Anything that slows down customers or gets in their way after they download your app is a bad thing. That includes sign-up/sign-in forms that show up even before potential customers can figure out if the app is actually worth using.
Like the overzealous zombie cross-breed between a lawyer and a customs agent, End User License Agreements (EULAs) require multiple forms to be filled out in triplicate, while keeping the customers from enjoying the app they have so laboriously invested time and flash memory space to download.
Despite a great deal of mobile innovation, many creators of financial apps still copy their interface patterns from the desktop Web, even though these patterns are not as well suited to the mobile space. Small screens, custom controls, divided attention and fat fingers demand different thinking when designing for mobile: taking what works on the Web and converting it into authentically mobile flows using simple, effective design patterns.
Course Description This course teaches how to create best-of-class cross-channel customer experiences on the mobile, tablet and web. Using Mobile-First design principles, students will learn the practical modern UX methods and best design approaches for each channel, with special focus on critical elements of mobile apps, search, navigation, forms and workflows. Although no technical expertise …
E-Consultancy’s exclusive invitation-only roundtable event, Digital Cream San Jose is an opportunity for senior client-side digital marketers to discuss best practice and the reality of digital marketing with the industryâ€™s â€˜cream of the cropâ€™.
The event is designed to help you meet your peers and learn from each other about the latest best practice, what’s working and what’s not.
It’s a ‘hands-on’ participatory event: you will network and learn through discussion, roundtables and debate. Attend FREE as my guest by subscribing to Mobile and Tablet Design Secrets.
The Cross Channel UX Elements framework is a practical design tool you can use to create â€œMagic Momentsâ€ of flow and delight for your customers across the different channels in a more deliberate fashion, rather than arriving at great designs only through occasional happenstance.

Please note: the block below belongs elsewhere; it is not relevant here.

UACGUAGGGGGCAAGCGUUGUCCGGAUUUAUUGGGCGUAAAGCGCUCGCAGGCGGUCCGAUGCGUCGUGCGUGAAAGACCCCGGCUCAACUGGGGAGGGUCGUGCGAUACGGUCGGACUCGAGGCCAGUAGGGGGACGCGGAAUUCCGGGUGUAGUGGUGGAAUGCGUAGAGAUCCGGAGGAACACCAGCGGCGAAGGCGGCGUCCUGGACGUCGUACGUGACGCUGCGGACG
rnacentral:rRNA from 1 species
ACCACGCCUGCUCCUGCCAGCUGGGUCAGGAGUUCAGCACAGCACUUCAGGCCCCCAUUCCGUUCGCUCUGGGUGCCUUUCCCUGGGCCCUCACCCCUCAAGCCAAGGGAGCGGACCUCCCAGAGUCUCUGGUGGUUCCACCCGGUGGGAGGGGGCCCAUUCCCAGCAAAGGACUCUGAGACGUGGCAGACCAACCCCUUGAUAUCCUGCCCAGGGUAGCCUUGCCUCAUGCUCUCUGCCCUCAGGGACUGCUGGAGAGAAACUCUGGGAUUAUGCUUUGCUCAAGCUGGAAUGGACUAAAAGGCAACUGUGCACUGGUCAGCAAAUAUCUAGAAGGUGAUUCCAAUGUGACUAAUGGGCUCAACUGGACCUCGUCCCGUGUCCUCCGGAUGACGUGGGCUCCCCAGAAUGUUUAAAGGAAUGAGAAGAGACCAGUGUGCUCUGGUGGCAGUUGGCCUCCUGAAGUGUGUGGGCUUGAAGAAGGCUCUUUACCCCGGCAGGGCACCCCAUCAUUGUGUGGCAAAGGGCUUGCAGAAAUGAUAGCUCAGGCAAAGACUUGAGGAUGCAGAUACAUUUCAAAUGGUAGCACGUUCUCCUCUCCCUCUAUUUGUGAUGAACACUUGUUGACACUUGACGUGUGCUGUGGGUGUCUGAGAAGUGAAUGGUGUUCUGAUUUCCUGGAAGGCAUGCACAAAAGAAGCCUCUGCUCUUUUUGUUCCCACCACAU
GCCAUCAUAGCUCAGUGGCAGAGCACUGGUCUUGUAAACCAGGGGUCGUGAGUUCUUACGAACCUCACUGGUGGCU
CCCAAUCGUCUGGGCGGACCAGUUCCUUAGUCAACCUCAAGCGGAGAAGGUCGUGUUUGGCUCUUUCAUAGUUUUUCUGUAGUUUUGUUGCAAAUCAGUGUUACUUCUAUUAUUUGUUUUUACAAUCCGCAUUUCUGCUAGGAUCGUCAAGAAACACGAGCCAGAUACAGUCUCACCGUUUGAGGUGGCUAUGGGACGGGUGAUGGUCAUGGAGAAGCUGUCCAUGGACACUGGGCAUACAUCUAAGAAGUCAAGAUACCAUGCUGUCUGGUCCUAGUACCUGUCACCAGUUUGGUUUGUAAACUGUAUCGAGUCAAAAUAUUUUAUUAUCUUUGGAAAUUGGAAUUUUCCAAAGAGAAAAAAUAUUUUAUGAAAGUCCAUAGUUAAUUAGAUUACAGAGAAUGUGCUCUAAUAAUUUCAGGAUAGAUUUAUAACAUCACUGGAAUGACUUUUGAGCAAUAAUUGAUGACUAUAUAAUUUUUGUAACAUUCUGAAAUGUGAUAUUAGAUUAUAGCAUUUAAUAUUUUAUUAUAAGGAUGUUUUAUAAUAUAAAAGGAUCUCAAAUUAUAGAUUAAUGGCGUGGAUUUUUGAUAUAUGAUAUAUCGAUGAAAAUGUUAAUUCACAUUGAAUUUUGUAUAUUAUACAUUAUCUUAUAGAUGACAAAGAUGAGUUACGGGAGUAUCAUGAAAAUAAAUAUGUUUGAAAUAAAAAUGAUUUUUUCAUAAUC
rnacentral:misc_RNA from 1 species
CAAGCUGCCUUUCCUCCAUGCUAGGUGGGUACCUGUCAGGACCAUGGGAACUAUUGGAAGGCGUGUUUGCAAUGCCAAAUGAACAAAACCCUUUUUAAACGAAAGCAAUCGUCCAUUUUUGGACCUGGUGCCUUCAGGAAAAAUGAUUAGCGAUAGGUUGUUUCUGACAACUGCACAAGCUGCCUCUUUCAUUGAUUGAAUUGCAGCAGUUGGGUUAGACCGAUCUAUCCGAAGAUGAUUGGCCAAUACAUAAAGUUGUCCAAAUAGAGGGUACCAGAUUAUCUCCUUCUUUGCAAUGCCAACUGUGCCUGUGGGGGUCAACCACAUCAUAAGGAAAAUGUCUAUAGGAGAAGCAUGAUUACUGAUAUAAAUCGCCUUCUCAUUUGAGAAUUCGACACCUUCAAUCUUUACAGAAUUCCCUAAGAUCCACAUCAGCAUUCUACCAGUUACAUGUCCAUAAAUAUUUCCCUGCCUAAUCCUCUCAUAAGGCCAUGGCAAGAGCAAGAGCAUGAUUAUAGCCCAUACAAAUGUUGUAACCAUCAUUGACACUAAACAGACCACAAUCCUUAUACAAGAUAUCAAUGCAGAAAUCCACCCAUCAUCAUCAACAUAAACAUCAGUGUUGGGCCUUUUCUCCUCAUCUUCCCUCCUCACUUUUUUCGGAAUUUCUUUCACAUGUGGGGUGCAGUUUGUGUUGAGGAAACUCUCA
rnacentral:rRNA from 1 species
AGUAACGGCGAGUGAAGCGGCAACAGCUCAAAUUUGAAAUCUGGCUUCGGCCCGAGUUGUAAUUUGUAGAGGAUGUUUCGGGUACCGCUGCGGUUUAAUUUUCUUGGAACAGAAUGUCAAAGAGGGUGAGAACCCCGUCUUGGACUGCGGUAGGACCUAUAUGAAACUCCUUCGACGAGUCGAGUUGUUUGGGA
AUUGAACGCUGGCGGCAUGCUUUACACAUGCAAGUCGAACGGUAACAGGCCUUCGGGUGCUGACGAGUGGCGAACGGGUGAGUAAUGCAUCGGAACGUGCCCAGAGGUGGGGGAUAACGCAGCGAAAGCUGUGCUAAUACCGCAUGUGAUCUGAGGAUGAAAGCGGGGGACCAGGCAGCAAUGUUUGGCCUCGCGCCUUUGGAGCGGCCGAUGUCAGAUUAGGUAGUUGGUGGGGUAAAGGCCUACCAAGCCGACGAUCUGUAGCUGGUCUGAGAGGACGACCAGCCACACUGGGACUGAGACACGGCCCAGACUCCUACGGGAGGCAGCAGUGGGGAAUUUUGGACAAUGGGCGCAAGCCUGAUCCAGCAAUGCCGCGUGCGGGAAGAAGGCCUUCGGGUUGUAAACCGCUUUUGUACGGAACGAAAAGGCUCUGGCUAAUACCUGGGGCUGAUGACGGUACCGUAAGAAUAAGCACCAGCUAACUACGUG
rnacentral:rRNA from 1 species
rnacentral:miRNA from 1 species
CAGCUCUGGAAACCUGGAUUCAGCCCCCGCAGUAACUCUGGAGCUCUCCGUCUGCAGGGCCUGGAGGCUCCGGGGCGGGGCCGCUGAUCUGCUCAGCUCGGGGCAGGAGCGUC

When mobile or tablet design is executed well, the device feels like the extension of our bodies. Because interfaces respond even before we consciously give them a command. Often, the interface â€œdissolves in behaviorâ€ and we feel empowered, as though the device we hold in our hand is the equivalent of Iron Manâ€™s suit of cybernetic armor, or Batmanâ€™s utility belt. I call this empowering experience a â€œMagic Momentâ€.
Why do some million-dollar apps fail, while simple apps like Instagram make billions? The answer is “Magic Moments”. And on May 16th, the author of best-selling book “Designing Search: UX Strategies for eCommerce Success” will show you how to create “Magic Moments” in your own Mobile and Tablet apps.
NOTE: Not for beginners. The Expert Strategy(TM) Series is aimed at mastery of advanced design principles.
In my experience, mobile usability tests, as they are popularly conducted, are a waste of time and resources and in vast majority of cases fail to lead to creation a better mobile product. Instead, I conduct RITE (Rapid Iterative Testing and Evaluation) studies: the only methodology that Iâ€™ve actually experienced in the real life yielding more delightful, usable and successful mobile products in less time.
Cross-Channel Search: Design Approaches for Mobile and Tablet
The rise of smartphones and tablets is an unprecedented opportunity for all kinds of search to escape traditional limits and become the single best way to access information. In context. Real-time. Come hear practical tips for designing search with tap-ahead, geo-location, still image and video input, voice and unprecedented personalizationâ€¦ While juggling crushing constraints: limited screen real estate, fat fingers, spotty connections, multi-tasking and shortened attention span. From the author of “Designing Search: UX Strategies for eCommerce Success” (Wiley, 2011).